“The signals of anomaly detection are very strong for these egregiously suspicious buyers,” the study’s authors wrote. “This renders our algorithm very valuable for practical use.”

Built to guide the fight

The system was conceived as a tool to help deploy limited resources as authorities tackle illicit trafficking in narcotics.

“Having 100% precision is a very important feature of our (process),” the research team wrote in its paper, under review with the Journal of Marketing. “We are willing to sacrifice some recall (and increase false negative errors) in order to enable the practical adoption of our proposed algorithm.”

The research team—all associated with Olin’s Center for Analytics and Business Insights—includes Annie L. Shi, a doctoral student in marketing; Seethu Seetharaman, co-director of CABI and Olin’s W. Patrick McGinnis Professor of Marketing; Anthony Sardella, CABI senior research advisor; Michael Wall, co-director of CABI and a professor of practice in marketing; and Chenthuran Abeyakaran, BS ’21/SI ’23.

Their work comes under the auspices of the Olin Brookings Commission, a project operated by WashU Olin and the Brookings Institution to address critical policy issues affecting communities. The project is funded through a grant from The Bellwether Foundation.

Organizers of the first commission under the Bellwether grant focused on the opioid epidemic that’s killed half a million individuals in the US in the past two decades, according to the Centers for Disease Control. In July, the federal government reached a $26 billion settlement with the country’s three major drug distributors and pharmaceutical giant Johnson & Johnson for their roles in the epidemic.

“Addressing this issue and enabling distributors to have a predictive system that can be used to flag and halt suspicious orders of opioid drugs, is the central focus of this study,” the research team wrote in its paper, “Nip it in the Bud! Managing the Opioid Crisis: Supply Chain Response to Anomalous Buyer Behavior.”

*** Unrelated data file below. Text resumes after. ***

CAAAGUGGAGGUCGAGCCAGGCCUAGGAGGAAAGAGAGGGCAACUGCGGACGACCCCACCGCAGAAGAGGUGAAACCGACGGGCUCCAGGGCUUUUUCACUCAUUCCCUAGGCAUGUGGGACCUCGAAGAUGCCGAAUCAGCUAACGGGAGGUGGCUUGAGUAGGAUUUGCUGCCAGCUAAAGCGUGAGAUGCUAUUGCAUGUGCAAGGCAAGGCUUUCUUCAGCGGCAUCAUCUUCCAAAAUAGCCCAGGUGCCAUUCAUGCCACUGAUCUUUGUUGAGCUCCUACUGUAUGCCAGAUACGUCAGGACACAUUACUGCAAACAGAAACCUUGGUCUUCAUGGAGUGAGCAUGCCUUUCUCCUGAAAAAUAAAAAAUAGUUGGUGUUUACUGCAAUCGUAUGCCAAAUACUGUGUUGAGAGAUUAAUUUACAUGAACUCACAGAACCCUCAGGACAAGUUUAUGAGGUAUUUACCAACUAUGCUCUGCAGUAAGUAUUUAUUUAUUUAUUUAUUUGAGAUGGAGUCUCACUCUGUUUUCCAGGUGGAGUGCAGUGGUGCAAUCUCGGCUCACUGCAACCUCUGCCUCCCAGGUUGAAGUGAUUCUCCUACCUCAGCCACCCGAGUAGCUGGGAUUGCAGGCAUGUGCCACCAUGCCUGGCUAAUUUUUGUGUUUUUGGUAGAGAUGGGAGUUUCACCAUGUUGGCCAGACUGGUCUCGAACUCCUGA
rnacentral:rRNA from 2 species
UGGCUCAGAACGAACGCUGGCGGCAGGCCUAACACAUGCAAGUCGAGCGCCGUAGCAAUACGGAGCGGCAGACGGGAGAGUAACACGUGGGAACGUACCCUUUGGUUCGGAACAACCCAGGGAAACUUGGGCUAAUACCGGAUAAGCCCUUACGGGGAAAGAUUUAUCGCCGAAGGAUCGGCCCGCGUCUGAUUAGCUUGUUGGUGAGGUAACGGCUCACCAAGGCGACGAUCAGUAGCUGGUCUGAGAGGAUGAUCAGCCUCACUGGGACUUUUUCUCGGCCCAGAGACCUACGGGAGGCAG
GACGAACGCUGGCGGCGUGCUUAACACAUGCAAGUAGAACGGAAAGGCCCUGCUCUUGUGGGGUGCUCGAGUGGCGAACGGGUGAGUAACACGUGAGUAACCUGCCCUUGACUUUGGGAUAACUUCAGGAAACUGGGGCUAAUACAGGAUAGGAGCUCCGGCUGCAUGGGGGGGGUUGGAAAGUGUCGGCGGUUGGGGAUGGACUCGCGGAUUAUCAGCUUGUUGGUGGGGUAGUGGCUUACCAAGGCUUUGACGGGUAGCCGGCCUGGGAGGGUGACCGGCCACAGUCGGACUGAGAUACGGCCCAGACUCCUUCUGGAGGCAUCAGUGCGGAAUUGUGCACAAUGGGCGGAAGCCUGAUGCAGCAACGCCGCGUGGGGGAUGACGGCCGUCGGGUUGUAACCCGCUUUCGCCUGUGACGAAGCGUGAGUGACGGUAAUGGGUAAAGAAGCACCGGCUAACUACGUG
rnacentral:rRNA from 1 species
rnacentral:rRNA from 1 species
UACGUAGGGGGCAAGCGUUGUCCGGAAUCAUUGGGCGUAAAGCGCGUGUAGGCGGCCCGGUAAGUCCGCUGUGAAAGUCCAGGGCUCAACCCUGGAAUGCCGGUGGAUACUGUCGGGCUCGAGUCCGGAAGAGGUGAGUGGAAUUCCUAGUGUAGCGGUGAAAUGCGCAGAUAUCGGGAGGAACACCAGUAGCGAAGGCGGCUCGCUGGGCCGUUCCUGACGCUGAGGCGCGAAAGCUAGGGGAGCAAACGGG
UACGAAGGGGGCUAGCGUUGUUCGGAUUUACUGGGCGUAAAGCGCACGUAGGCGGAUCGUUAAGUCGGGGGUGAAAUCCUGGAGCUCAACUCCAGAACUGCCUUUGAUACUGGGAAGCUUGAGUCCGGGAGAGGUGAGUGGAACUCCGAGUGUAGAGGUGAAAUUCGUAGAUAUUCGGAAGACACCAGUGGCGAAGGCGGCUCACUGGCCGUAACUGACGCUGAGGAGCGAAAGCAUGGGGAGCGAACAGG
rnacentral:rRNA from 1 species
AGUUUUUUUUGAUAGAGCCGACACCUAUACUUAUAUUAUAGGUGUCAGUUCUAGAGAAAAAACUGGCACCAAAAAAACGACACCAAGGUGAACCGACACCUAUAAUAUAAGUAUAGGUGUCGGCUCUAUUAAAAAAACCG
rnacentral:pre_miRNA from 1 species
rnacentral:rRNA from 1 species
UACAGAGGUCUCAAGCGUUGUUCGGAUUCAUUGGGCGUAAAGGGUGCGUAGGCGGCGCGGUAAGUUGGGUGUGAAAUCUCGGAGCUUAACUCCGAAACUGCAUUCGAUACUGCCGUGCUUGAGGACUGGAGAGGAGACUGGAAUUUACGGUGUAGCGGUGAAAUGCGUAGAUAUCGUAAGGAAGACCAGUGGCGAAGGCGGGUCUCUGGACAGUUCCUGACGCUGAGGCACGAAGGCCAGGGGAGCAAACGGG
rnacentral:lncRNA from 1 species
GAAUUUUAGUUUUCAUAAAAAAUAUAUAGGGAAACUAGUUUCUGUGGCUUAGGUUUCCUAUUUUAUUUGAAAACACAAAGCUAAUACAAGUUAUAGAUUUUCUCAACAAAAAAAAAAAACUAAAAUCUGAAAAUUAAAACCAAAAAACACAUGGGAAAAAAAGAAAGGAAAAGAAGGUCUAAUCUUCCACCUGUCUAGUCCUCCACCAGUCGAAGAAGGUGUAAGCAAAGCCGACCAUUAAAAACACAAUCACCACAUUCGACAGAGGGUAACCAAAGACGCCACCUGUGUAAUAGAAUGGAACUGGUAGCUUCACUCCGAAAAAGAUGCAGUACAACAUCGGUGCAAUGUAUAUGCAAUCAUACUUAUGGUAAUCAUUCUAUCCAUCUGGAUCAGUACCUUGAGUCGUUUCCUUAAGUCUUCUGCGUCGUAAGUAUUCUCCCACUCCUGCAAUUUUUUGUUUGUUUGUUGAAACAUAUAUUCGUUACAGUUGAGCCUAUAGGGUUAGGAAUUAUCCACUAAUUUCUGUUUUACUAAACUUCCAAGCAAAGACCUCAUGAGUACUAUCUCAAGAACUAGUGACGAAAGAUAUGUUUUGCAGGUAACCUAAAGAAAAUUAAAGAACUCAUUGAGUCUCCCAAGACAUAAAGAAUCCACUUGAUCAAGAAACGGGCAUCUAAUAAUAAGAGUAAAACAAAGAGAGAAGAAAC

Training the anomaly detector

The team “trained” its anomaly detection system by using a recently released DEA database called Automated Reports and Consolidated Ordering System—or ARCOS.

That database tracked millions of prescription drug transactions—their manufacture and distribution—spanning 2006 to 2012. By zeroing in on opioid transactions, with the guidance of a smaller database of known illicit transactions, the research team identified patterns of behavior across 40 different criteria. The scholars also developed a standard they called “morphine milligram equivalents”—or “MME”—to create reliable comparisons among various opioid transactions.

Ultimately, they found that seven criteria were enough to create an extraordinarily precise tool to flag suspicious transactions. For example, when looking at “average MME purchased per transaction,” suspicious buyers purchased almost 10 times as much as legitimate buyers. When they looked at “median MME purchased per transaction,” suspicious buyers purchased almost 20 times as much.

In the context of the research team’s detection and alert system, members of the Olin Brookings Commission will likely investigate proposals that affect public policy affecting the trafficking of illicit narcotics. Some of those policy areas could include:

  • data sharing and cross-agency communication;
  • revised and modernized data reporting;
  • funding sources and spending needs for system maintenance;